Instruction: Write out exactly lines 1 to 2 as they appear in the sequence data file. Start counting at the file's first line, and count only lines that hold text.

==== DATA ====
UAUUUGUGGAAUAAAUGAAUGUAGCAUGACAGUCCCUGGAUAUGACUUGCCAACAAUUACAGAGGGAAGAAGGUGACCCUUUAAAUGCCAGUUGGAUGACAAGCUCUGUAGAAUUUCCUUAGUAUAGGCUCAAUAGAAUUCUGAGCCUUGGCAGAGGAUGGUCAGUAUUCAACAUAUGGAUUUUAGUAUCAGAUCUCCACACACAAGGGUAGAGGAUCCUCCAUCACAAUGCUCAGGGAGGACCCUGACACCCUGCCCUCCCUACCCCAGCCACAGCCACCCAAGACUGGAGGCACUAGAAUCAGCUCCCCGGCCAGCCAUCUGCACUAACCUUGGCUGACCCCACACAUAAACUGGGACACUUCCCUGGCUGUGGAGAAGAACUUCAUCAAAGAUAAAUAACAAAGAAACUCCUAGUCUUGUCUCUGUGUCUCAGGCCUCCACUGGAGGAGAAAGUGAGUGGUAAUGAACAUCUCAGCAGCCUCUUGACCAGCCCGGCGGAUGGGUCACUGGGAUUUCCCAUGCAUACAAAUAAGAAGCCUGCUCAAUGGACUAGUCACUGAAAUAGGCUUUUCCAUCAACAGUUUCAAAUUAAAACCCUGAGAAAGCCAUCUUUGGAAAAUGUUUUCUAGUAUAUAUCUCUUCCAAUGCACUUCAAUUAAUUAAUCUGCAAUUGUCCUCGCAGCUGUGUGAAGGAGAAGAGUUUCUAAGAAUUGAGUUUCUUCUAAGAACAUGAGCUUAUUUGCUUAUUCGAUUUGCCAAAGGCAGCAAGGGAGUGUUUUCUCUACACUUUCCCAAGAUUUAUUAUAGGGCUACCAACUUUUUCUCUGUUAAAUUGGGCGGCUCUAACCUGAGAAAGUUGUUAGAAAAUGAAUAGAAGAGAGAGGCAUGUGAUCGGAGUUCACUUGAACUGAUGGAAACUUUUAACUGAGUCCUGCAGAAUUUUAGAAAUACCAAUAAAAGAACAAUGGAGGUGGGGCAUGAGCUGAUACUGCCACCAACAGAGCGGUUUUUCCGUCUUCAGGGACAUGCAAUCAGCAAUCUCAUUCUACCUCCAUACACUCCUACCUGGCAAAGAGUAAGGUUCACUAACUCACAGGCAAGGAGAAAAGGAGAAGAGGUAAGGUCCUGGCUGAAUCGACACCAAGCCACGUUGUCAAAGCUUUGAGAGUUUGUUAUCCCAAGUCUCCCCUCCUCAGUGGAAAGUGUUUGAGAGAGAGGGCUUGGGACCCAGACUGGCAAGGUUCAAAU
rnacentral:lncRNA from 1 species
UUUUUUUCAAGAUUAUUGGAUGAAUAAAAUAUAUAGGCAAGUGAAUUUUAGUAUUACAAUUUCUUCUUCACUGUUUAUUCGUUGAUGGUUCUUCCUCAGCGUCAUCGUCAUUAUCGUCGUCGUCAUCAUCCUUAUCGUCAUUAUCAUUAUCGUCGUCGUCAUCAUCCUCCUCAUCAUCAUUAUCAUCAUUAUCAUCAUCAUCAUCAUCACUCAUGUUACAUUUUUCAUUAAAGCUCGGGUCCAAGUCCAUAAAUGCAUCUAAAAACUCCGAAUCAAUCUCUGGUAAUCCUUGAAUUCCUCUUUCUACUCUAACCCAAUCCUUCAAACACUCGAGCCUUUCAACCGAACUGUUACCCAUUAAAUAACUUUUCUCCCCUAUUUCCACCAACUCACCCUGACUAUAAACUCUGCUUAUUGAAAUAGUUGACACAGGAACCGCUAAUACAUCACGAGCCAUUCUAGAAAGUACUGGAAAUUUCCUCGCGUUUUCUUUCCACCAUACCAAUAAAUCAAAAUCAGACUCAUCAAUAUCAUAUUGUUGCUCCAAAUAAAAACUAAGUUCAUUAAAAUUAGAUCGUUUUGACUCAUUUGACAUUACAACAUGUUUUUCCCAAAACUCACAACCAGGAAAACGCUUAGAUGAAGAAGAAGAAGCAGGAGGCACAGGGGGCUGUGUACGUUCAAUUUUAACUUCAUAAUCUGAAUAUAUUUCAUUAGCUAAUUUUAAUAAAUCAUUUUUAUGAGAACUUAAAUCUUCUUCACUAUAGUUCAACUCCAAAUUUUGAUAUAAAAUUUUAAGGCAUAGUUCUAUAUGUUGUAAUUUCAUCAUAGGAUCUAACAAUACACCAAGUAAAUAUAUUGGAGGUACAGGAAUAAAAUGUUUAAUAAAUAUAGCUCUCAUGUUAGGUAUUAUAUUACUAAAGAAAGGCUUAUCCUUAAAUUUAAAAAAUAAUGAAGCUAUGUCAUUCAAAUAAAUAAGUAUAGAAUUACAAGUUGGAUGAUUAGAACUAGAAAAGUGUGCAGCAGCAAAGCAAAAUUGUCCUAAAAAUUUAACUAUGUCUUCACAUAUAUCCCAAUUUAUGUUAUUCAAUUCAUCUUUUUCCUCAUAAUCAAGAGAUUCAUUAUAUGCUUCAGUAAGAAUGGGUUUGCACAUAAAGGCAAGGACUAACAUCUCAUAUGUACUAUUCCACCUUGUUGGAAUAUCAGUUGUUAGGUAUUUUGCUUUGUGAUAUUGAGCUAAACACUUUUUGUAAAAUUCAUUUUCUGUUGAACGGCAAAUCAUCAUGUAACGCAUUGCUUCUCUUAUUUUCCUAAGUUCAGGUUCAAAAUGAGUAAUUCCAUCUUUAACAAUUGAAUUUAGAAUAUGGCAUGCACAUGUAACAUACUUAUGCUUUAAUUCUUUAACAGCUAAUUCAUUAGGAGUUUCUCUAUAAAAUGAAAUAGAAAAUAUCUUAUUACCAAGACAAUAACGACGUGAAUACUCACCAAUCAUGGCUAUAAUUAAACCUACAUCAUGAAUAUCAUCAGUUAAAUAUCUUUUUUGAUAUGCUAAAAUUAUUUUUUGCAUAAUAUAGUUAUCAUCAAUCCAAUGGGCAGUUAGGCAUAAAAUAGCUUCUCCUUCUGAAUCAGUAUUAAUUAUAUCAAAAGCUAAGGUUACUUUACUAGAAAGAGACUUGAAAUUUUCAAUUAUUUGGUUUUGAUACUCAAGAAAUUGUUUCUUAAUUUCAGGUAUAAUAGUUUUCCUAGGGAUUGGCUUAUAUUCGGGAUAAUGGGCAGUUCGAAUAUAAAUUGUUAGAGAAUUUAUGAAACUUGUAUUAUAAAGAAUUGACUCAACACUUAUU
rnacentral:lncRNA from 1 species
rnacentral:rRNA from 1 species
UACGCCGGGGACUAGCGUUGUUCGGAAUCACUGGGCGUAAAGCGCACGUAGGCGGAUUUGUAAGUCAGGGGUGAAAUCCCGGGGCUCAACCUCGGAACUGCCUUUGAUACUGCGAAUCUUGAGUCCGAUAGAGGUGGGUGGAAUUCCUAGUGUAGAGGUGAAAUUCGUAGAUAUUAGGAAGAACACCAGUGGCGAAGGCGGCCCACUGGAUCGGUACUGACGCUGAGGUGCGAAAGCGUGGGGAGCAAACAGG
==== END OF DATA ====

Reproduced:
UAUUUGUGGAAUAAAUGAAUGUAGCAUGACAGUCCCUGGAUAUGACUUGCCAACAAUUACAGAGGGAAGAAGGUGACCCUUUAAAUGCCAGUUGGAUGACAAGCUCUGUAGAAUUUCCUUAGUAUAGGCUCAAUAGAAUUCUGAGCCUUGGCAGAGGAUGGUCAGUAUUCAACAUAUGGAUUUUAGUAUCAGAUCUCCACACACAAGGGUAGAGGAUCCUCCAUCACAAUGCUCAGGGAGGACCCUGACACCCUGCCCUCCCUACCCCAGCCACAGCCACCCAAGACUGGAGGCACUAGAAUCAGCUCCCCGGCCAGCCAUCUGCACUAACCUUGGCUGACCCCACACAUAAACUGGGACACUUCCCUGGCUGUGGAGAAGAACUUCAUCAAAGAUAAAUAACAAAGAAACUCCUAGUCUUGUCUCUGUGUCUCAGGCCUCCACUGGAGGAGAAAGUGAGUGGUAAUGAACAUCUCAGCAGCCUCUUGACCAGCCCGGCGGAUGGGUCACUGGGAUUUCCCAUGCAUACAAAUAAGAAGCCUGCUCAAUGGACUAGUCACUGAAAUAGGCUUUUCCAUCAACAGUUUCAAAUUAAAACCCUGAGAAAGCCAUCUUUGGAAAAUGUUUUCUAGUAUAUAUCUCUUCCAAUGCACUUCAAUUAAUUAAUCUGCAAUUGUCCUCGCAGCUGUGUGAAGGAGAAGAGUUUCUAAGAAUUGAGUUUCUUCUAAGAACAUGAGCUUAUUUGCUUAUUCGAUUUGCCAAAGGCAGCAAGGGAGUGUUUUCUCUACACUUUCCCAAGAUUUAUUAUAGGGCUACCAACUUUUUCUCUGUUAAAUUGGGCGGCUCUAACCUGAGAAAGUUGUUAGAAAAUGAAUAGAAGAGAGAGGCAUGUGAUCGGAGUUCACUUGAACUGAUGGAAACUUUUAACUGAGUCCUGCAGAAUUUUAGAAAUACCAAUAAAAGAACAAUGGAGGUGGGGCAUGAGCUGAUACUGCCACCAACAGAGCGGUUUUUCCGUCUUCAGGGACAUGCAAUCAGCAAUCUCAUUCUACCUCCAUACACUCCUACCUGGCAAAGAGUAAGGUUCACUAACUCACAGGCAAGGAGAAAAGGAGAAGAGGUAAGGUCCUGGCUGAAUCGACACCAAGCCACGUUGUCAAAGCUUUGAGAGUUUGUUAUCCCAAGUCUCCCCUCCUCAGUGGAAAGUGUUUGAGAGAGAGGGCUUGGGACCCAGACUGGCAAGGUUCAAAU
rnacentral:lncRNA from 1 species